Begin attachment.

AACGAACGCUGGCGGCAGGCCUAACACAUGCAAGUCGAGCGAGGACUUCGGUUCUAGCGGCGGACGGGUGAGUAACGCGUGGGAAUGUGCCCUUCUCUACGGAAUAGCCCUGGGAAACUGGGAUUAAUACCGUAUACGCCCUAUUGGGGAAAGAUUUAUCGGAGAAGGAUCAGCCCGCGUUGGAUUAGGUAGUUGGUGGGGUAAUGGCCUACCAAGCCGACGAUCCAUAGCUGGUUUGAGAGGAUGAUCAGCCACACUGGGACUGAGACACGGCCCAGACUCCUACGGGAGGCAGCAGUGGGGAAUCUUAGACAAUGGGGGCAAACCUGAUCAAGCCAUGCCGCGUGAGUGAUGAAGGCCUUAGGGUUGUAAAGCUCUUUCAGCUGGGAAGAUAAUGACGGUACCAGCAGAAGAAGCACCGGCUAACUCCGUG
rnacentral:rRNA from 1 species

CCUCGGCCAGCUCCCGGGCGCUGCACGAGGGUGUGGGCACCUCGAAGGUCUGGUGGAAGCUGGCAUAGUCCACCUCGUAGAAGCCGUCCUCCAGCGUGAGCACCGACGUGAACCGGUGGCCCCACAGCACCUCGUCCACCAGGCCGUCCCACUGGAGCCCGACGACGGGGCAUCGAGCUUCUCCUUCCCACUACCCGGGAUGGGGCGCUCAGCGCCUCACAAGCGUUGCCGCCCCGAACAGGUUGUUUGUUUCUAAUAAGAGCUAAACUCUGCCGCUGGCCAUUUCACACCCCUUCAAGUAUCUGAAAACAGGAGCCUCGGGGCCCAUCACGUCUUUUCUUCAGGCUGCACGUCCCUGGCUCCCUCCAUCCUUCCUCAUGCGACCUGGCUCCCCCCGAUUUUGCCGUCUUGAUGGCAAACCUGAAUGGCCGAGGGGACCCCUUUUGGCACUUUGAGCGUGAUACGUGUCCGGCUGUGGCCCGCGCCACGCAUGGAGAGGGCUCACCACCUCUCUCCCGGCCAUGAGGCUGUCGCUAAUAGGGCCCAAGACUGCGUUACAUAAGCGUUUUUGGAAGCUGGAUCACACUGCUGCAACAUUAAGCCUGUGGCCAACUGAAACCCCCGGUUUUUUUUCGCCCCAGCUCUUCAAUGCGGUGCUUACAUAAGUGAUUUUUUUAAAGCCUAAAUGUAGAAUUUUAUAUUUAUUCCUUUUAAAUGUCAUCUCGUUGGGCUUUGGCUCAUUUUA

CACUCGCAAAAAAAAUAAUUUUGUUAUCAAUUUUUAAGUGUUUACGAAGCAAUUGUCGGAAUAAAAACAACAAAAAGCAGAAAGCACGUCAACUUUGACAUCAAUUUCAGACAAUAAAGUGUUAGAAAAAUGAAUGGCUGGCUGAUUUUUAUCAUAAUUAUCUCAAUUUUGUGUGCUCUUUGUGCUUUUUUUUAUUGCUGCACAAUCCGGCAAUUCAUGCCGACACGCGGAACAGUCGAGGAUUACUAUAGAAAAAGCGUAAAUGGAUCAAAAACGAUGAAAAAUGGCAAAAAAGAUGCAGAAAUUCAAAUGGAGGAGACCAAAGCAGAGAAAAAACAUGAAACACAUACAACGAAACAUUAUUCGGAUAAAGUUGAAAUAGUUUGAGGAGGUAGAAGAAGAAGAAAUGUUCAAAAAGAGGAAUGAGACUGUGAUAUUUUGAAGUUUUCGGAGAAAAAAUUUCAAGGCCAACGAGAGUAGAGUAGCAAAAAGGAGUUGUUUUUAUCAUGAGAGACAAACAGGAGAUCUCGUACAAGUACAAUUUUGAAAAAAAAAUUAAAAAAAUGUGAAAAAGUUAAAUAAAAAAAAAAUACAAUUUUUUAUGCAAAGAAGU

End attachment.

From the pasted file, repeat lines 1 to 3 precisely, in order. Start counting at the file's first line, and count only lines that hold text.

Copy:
AACGAACGCUGGCGGCAGGCCUAACACAUGCAAGUCGAGCGAGGACUUCGGUUCUAGCGGCGGACGGGUGAGUAACGCGUGGGAAUGUGCCCUUCUCUACGGAAUAGCCCUGGGAAACUGGGAUUAAUACCGUAUACGCCCUAUUGGGGAAAGAUUUAUCGGAGAAGGAUCAGCCCGCGUUGGAUUAGGUAGUUGGUGGGGUAAUGGCCUACCAAGCCGACGAUCCAUAGCUGGUUUGAGAGGAUGAUCAGCCACACUGGGACUGAGACACGGCCCAGACUCCUACGGGAGGCAGCAGUGGGGAAUCUUAGACAAUGGGGGCAAACCUGAUCAAGCCAUGCCGCGUGAGUGAUGAAGGCCUUAGGGUUGUAAAGCUCUUUCAGCUGGGAAGAUAAUGACGGUACCAGCAGAAGAAGCACCGGCUAACUCCGUG
rnacentral:rRNA from 1 species

CCUCGGCCAGCUCCCGGGCGCUGCACGAGGGUGUGGGCACCUCGAAGGUCUGGUGGAAGCUGGCAUAGUCCACCUCGUAGAAGCCGUCCUCCAGCGUGAGCACCGACGUGAACCGGUGGCCCCACAGCACCUCGUCCACCAGGCCGUCCCACUGGAGCCCGACGACGGGGCAUCGAGCUUCUCCUUCCCACUACCCGGGAUGGGGCGCUCAGCGCCUCACAAGCGUUGCCGCCCCGAACAGGUUGUUUGUUUCUAAUAAGAGCUAAACUCUGCCGCUGGCCAUUUCACACCCCUUCAAGUAUCUGAAAACAGGAGCCUCGGGGCCCAUCACGUCUUUUCUUCAGGCUGCACGUCCCUGGCUCCCUCCAUCCUUCCUCAUGCGACCUGGCUCCCCCCGAUUUUGCCGUCUUGAUGGCAAACCUGAAUGGCCGAGGGGACCCCUUUUGGCACUUUGAGCGUGAUACGUGUCCGGCUGUGGCCCGCGCCACGCAUGGAGAGGGCUCACCACCUCUCUCCCGGCCAUGAGGCUGUCGCUAAUAGGGCCCAAGACUGCGUUACAUAAGCGUUUUUGGAAGCUGGAUCACACUGCUGCAACAUUAAGCCUGUGGCCAACUGAAACCCCCGGUUUUUUUUCGCCCCAGCUCUUCAAUGCGGUGCUUACAUAAGUGAUUUUUUUAAAGCCUAAAUGUAGAAUUUUAUAUUUAUUCCUUUUAAAUGUCAUCUCGUUGGGCUUUGGCUCAUUUUA